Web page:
Ind. police adopt filming policy after $200K settlement
The policy states officers cannot interfere with bystanders filming an incident at a reasonable distance
INDIANAPOLIS — The terms of a recently settled lawsuit in Indianapolis, Indiana will require the city's police force to remind officers that it's legal for civilians to videotape on-duty cops, but it will also cost the department more than just that.
In addition to having to adopt an official policy recognizing the right for citizens to record law enforcement officials, the City of Indianapolis is also cutting a $200,000 check for a local man who was arrested and injured by police in 2011 after he refused to stop filming a nearby arrest.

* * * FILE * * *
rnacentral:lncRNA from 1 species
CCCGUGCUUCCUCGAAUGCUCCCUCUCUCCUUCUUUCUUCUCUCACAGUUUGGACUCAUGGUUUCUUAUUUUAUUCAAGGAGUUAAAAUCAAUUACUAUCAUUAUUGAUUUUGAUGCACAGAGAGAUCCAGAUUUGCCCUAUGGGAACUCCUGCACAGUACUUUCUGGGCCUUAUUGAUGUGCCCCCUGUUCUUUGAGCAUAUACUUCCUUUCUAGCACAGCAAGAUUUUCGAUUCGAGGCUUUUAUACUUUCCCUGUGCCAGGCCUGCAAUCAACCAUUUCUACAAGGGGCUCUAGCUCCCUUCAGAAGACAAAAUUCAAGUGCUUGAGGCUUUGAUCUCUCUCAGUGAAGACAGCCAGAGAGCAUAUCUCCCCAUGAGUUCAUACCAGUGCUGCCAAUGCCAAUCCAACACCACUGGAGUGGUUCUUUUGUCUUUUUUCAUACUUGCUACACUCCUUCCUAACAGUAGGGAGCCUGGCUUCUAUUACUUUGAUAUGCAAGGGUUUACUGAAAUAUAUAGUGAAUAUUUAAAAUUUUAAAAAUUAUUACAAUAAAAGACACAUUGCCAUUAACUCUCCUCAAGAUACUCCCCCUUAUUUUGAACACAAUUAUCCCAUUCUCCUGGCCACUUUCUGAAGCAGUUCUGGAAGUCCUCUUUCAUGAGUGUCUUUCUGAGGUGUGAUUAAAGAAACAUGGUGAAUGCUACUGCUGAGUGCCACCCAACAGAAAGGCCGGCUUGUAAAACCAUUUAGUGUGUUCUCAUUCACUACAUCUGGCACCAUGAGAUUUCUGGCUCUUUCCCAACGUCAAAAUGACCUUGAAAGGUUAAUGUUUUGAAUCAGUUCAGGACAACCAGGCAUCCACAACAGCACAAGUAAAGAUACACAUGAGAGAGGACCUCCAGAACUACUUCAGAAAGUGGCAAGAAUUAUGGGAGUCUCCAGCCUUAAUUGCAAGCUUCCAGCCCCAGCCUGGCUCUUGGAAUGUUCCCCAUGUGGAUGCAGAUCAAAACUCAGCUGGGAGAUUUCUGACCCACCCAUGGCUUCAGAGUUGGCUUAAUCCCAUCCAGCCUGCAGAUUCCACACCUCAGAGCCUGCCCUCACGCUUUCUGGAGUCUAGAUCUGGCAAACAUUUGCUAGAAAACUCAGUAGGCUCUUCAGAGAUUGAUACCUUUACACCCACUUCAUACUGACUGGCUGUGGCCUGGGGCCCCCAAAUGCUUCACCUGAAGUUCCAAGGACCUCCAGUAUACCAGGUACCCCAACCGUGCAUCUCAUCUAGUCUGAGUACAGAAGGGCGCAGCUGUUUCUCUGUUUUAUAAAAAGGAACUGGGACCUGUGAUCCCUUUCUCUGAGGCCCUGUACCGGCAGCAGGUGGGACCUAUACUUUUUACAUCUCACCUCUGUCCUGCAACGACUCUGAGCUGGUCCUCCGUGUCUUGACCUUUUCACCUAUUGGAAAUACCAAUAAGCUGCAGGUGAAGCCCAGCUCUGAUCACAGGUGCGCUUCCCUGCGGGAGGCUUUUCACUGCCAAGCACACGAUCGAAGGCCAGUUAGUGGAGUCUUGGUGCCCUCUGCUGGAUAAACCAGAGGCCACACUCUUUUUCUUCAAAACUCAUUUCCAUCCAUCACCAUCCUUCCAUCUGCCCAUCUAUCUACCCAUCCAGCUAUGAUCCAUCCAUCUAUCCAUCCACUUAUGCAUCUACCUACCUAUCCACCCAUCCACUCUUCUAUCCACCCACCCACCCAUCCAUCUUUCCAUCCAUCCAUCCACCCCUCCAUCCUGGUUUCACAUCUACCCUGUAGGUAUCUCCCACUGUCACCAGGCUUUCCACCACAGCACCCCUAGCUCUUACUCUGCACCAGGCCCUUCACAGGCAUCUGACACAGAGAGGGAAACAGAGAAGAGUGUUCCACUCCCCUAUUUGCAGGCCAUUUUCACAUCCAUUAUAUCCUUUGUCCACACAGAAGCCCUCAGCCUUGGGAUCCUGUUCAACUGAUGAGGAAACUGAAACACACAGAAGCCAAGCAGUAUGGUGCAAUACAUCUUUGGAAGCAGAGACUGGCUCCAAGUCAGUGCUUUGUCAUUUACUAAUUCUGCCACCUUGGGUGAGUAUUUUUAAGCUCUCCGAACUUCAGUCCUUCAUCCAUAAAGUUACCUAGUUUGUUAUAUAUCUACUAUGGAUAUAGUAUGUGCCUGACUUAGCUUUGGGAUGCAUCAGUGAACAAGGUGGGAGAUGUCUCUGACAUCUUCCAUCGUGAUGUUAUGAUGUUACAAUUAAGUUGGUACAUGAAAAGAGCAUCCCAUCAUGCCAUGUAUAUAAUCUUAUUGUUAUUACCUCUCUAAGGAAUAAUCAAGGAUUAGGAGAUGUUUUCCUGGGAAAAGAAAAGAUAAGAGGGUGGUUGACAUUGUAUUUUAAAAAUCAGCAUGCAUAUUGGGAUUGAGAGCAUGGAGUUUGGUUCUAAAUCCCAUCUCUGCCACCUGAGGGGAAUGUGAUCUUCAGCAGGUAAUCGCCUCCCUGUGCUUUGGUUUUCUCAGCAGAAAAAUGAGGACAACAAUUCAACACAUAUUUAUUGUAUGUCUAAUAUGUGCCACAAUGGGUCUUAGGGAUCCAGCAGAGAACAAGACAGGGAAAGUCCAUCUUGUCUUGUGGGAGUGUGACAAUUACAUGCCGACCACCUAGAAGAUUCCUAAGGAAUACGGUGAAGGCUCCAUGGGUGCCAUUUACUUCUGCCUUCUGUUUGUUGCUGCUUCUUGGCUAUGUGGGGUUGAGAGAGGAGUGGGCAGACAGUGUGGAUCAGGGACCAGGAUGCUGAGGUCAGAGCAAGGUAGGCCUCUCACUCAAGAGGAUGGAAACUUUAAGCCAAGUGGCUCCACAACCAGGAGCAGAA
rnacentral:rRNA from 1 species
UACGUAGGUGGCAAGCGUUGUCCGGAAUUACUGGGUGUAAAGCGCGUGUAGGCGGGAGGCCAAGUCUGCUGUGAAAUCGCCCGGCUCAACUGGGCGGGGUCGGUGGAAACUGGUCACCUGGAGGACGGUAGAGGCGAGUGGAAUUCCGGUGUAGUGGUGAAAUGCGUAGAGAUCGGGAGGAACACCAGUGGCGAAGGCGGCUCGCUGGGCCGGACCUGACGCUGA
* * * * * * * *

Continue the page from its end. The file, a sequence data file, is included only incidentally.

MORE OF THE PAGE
According to excerpts of the policy published on Thursday by WISH-TV, local law enforcement officials have 60 days to adopt a policy that states “police officers should not interfere with civilians who are observing or recording their actions by video or audio in public, so long as the civilians maintain a safe and reasonable distance if necessary from the scene of a police action, do not physically interfere with the officers’ performance of their duty and do not represent a physical danger to the officers, civilians or others.”
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